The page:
Sharpe's Challenge - Interviews

Last Update: 06 April 2006

Sharpe’s Challenge writer: Russell Lewis

"It was particularly exciting, not to say a little emotional, morning when cast and crew gathered together to read through the script."

Ten years ago Russell Lewis was asked to write the television adaptation of Sharpe’s Battle. It was such a good experience he was happy to be involved in Sharpe’s return. He explains: “It had always been Malcolm Craddocks’ dream to film Sharpe’s Tiger, but because the story was essentially a prequel to the Peninsular adventures, which culminated in Waterloo, rank was very much an issue. At the end of Waterloo, Sharpe is a Lt.Colonel, however, in Tiger he’s still a Private, which obviously colours a lot of the adventure – his place in the military pecking order, how he was able to speak to higher ranks and how much independence he could credibly exhibit.
“So, we resolved to construct a new adventure based in part on Bernard Cornwell’s Indian novels, but set after Waterloo, and which would fit in with Bernard’s guideline for “an adventure in the high hills.” I did some digging and found a somewhat overlooked campaign – the 2nd Maratha War 1817-1818 – which by employing a certain amount of the fog of war we could press into service. This was a very different prospect to Sharpe’s Battle, not least because of the present geo-political situation, and felt, creatively, a bit like walking a tightrope over a minefield. The scripts were written against the backdrop of the Iraq war and so the central antagonist of Sharpe’s Tiger, the Tippoo, or Tipu Sultan – a proud Muslim warrior-king with a just grievance – was redrawn as the young and idealistic Hindu princeling Khande Rao.”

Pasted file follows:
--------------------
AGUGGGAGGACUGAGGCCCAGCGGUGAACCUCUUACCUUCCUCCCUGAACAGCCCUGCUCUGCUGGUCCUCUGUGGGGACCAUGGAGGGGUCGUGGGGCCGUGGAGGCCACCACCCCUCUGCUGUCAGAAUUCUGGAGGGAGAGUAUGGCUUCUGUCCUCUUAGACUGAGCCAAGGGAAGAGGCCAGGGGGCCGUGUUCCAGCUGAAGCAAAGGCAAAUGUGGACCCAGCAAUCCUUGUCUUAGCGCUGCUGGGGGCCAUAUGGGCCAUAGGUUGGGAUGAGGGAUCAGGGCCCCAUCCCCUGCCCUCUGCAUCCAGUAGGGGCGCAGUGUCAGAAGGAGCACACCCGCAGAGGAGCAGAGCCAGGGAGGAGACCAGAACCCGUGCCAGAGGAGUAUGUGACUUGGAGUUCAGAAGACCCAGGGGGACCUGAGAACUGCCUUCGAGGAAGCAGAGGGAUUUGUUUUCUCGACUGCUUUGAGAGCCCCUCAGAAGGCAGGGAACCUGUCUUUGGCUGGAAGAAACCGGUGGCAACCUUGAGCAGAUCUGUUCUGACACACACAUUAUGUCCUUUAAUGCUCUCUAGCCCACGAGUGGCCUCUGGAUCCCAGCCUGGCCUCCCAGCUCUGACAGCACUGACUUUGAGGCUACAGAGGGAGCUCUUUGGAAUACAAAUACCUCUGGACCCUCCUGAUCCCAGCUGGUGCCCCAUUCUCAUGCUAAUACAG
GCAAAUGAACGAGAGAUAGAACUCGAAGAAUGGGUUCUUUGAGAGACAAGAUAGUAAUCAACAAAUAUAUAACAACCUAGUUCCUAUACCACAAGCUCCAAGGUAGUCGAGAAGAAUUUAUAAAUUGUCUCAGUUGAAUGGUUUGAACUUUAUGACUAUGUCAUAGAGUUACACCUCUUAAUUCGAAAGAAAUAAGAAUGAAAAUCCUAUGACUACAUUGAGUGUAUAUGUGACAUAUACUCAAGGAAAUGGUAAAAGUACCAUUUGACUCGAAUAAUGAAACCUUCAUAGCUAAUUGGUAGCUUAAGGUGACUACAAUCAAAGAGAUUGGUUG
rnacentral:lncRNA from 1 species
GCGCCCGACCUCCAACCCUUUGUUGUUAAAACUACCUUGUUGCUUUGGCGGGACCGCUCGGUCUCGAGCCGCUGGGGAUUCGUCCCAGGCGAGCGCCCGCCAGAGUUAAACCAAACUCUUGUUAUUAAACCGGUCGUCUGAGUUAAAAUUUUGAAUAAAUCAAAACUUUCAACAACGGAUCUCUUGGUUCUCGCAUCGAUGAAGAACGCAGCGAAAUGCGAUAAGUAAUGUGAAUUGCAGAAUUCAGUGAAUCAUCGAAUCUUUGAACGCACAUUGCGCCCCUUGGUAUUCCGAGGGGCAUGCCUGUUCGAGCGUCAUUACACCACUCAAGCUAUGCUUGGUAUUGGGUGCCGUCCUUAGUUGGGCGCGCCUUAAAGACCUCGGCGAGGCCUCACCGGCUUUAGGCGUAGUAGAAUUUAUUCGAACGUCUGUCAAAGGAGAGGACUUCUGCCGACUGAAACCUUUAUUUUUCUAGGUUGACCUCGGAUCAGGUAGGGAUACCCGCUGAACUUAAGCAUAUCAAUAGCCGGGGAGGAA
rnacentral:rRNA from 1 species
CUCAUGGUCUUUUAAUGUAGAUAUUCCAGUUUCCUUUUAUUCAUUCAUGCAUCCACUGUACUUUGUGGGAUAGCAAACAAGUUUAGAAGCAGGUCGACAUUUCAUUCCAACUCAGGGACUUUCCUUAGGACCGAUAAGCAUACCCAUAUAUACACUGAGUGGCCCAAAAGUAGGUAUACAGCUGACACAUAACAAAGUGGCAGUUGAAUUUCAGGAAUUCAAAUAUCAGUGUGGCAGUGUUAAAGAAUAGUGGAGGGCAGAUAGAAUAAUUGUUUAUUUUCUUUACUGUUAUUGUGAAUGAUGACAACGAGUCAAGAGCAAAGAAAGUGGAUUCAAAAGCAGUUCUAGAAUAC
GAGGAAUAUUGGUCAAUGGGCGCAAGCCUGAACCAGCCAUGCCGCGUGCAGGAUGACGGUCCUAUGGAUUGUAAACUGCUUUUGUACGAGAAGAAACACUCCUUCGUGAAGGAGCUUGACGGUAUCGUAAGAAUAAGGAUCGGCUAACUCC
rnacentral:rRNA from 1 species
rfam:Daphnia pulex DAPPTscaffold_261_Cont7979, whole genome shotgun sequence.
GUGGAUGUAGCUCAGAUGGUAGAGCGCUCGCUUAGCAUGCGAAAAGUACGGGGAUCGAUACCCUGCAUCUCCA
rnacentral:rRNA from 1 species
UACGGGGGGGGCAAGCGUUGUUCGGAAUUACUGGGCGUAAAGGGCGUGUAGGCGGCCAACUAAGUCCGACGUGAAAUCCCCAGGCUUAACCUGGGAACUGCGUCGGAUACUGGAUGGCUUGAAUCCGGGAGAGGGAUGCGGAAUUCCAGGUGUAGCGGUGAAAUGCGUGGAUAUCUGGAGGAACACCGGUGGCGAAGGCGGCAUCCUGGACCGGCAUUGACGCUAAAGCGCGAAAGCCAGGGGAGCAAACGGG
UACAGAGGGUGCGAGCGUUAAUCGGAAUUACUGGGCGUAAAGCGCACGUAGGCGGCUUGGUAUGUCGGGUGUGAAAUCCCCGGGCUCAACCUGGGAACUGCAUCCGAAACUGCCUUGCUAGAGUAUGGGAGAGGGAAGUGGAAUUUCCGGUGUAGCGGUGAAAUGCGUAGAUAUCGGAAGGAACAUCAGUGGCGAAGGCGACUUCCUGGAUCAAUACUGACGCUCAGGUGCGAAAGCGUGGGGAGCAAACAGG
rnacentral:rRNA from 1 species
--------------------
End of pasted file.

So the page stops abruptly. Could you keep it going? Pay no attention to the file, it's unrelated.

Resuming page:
“The role of villain-in-chief fell to William Dodd – a renengade East India Company officer – who features in “Triumph” and “Fortress”. It felt right to shift the emphasis across to Dodd, who, when all’s said and done, was after exactly the same thing as the East India Company – riches and power. In his machinations, Dodd was assisted and encouraged by the former courtesan Madhuvanthi, another character I was able to crib from history (albeit her name has been changed). As for our hero, I felt the story had to acknowledge to some degree the time that had passed for Sharpe since we left him on the hill at Mont St.Jean. So, we find him a little older, a little wiser, and initially reluctant to be drawn back into wars in far off places – even if the request does come from Wellington. He has become a farmer in France and hoped to have put the killing behind him. Of course, with Sharpe being Sharpe it was never going to be that easy.
“Sharpe decides to go to India from his sense of duty to his greatest friend – Patrick Harper. Certainly, there’s a theme of friendship running through the piece, and, even so far as the French, Sharpe’s historical enemies, are concerned, I’ve tried to underline the notion that sooner or later even old enemies have to make peace and embrace one another.
“Being involved in bringing Sharpe back to televisual life was a true ‘consumation devoutly to be wished.’ I’m a huge fan of Bernard’s books, so to get to play with his hero and be a part of it all was ‘high cotton.’ It was particularly exciting, not to say a little emotional, morning when cast and crew gathered together to read through the script. Sean was in fantastic form – looking and sounding better than ever. So it was eyes down for a full house, Scene One, page one, and with a cry of “Rifles! To me!” we were off on Sharpe’s Challenge!”

Production Notes (click on the links):
Sean Bean is Richard Sharpe
Padma Lakshmi is Madhuvanthi
Toby Stephens is William Dodd
Daragh O’Malley is Patrick Harper
Behind-the-Camera Fact File
The Producer: Malcolm Craddock
The Producer: Muir Sutherland
The Creator: Bernard Cornwell
The Writer: Russell Lewis
The Sword Master: Richard Bonehill


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